“Sales of EVs are a bit down, I read that in the news. Honestly, I am sorry to hear that and I am frustrated.” She swears to sundry Shinto deities that Shiga is sad about the sales, not about a news reporter. Frau Schmitto-san says “zannen ni omoimasu” is somewhere between “sad” and “sorry”, but has no connotations of apologies. However, if Carlos Ghosn’s personal translator says the word is “disappointing,” then we bow to professional expertise and Nissan’s official translation. Frau Schmitto-san then threatened that I can have dinner at the 7/11 if I bug her much longer.

    With the question framed like this, with the answer continuing to outline what Shiga wants to do to prop up sales, and having sought counsel, I apply Occam’s razor and declare that Shiga is fed up with the slow sales of the Leaf, and that he wants action. Those who have their selective perception tuned to different frequencies will disagree.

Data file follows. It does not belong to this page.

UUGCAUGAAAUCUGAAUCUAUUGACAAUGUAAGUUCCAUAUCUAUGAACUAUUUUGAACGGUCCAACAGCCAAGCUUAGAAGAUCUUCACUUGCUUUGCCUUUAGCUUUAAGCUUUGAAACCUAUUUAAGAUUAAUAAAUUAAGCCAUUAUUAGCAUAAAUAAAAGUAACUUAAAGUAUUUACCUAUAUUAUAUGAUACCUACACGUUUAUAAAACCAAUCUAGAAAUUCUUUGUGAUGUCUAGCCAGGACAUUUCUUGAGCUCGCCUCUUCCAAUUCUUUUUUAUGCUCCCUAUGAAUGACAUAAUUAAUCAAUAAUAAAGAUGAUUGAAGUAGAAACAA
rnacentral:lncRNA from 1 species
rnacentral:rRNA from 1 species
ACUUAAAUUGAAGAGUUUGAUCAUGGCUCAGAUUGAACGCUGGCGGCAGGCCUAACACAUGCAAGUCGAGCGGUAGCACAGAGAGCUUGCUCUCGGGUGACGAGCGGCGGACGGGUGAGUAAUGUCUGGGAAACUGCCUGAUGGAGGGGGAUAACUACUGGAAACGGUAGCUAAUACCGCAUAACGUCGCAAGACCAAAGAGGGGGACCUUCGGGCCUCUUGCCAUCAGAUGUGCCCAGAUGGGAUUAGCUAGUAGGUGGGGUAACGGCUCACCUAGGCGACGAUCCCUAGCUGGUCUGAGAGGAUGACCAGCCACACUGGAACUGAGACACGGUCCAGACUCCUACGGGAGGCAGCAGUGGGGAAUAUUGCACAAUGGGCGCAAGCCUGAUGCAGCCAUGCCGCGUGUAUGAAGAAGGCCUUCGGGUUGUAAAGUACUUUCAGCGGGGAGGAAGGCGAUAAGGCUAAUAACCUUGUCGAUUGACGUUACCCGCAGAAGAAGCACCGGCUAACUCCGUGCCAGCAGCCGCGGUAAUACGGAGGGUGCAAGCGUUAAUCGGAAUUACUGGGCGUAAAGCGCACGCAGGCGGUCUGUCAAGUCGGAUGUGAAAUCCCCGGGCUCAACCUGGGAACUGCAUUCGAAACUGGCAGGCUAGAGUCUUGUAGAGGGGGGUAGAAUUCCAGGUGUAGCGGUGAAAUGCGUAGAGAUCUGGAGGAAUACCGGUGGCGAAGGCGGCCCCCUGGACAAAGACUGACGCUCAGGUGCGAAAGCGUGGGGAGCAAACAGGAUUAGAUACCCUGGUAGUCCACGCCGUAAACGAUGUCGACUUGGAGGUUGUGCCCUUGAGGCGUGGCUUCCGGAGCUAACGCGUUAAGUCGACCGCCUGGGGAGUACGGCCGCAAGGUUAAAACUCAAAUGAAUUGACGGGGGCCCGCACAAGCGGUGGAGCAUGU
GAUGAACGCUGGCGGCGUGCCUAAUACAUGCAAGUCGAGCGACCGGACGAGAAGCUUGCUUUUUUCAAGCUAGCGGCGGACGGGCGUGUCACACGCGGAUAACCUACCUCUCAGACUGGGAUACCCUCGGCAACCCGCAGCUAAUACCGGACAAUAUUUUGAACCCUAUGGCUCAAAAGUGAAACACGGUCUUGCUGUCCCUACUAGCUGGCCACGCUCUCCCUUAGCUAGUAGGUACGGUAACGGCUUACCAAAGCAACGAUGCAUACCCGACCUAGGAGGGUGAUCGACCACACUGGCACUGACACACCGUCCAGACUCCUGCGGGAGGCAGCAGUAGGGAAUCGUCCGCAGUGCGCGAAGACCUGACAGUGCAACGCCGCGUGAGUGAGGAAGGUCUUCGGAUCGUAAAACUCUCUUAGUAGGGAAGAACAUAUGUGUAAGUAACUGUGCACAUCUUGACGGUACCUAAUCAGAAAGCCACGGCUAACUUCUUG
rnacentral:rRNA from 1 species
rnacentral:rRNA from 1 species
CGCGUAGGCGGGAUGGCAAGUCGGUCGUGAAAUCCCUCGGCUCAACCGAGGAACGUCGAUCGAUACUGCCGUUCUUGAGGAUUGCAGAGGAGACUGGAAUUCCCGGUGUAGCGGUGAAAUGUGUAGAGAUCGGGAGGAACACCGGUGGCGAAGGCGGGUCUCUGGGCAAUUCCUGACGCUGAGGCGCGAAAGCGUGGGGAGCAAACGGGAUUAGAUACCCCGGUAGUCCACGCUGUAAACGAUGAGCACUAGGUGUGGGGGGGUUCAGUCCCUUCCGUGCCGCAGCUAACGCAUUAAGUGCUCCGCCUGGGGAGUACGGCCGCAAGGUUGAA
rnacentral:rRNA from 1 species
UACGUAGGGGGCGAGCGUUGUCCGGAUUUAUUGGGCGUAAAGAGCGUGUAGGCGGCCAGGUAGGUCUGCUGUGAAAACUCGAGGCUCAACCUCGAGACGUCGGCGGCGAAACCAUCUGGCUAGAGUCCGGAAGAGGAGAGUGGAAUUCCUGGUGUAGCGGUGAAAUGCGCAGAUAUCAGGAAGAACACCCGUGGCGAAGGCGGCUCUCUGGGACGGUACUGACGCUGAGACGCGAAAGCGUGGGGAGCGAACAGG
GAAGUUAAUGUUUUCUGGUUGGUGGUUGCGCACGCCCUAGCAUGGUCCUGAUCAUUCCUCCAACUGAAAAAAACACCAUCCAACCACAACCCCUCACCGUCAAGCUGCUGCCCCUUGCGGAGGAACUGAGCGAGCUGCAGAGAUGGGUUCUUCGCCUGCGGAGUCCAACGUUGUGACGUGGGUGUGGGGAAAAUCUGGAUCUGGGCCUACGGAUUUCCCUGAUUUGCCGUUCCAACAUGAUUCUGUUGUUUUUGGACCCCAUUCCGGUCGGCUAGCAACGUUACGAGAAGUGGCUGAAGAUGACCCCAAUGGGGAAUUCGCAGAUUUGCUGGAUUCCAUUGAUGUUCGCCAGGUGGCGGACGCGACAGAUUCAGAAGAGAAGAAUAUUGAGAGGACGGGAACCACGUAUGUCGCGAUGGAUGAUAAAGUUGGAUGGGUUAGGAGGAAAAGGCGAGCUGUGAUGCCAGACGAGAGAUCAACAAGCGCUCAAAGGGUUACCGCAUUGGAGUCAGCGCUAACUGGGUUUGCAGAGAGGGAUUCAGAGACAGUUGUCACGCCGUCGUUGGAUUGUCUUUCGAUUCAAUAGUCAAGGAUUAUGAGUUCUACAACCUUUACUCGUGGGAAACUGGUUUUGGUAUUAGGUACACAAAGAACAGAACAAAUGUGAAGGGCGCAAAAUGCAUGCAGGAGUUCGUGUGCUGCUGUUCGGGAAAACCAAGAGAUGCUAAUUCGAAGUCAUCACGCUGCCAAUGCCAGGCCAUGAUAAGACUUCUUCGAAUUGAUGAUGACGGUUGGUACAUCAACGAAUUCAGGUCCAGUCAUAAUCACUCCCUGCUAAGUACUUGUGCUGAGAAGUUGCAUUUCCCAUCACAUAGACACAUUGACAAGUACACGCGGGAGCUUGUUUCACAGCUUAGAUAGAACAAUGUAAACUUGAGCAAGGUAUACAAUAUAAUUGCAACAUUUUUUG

The question about the planned Leaf production in the U.S. and UK went unanswered by Shiga, by the way.

    If he really would have been disappointed and frustrated by a false report, Shiga would have continued: “These allegations are false. In the contrary, sales of the Leaf have …”. Wisely, it did not come to that.

    For the record, I currently live 30 minutes away from Nissan’s Yokohama world headquarters, and the folks at Nissan know where I live. Again for the record, at close of business on this Tokyo Friday, I still am in possession of all 10 fingers, and they remain attached to my hands. For tomorrow, I was asked to show up at a test track. Should I get run over …